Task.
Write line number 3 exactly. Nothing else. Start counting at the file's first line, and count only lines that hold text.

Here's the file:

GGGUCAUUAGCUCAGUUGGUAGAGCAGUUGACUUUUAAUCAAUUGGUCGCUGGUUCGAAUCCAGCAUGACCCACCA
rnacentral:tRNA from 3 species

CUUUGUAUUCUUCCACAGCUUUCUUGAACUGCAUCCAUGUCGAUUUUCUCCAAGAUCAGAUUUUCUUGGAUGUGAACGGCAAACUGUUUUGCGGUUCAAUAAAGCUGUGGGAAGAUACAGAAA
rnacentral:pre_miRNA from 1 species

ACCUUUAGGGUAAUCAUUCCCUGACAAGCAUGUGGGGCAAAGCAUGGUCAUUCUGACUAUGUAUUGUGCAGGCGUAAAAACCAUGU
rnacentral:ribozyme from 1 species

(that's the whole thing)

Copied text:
CUUUGUAUUCUUCCACAGCUUUCUUGAACUGCAUCCAUGUCGAUUUUCUCCAAGAUCAGAUUUUCUUGGAUGUGAACGGCAAACUGUUUUGCGGUUCAAUAAAGCUGUGGGAAGAUACAGAAA